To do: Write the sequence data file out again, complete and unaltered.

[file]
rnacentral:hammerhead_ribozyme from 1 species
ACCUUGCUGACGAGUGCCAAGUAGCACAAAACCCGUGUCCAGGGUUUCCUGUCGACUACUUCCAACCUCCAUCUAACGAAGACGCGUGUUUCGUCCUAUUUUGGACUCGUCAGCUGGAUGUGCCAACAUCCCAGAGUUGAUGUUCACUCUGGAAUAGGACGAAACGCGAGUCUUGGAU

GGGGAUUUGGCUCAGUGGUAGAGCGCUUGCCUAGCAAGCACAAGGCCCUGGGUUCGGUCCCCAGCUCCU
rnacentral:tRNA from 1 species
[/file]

rnacentral:hammerhead_ribozyme from 1 species
ACCUUGCUGACGAGUGCCAAGUAGCACAAAACCCGUGUCCAGGGUUUCCUGUCGACUACUUCCAACCUCCAUCUAACGAAGACGCGUGUUUCGUCCUAUUUUGGACUCGUCAGCUGGAUGUGCCAACAUCCCAGAGUUGAUGUUCACUCUGGAAUAGGACGAAACGCGAGUCUUGGAU

GGGGAUUUGGCUCAGUGGUAGAGCGCUUGCCUAGCAAGCACAAGGCCCUGGGUUCGGUCCCCAGCUCCU
rnacentral:tRNA from 1 species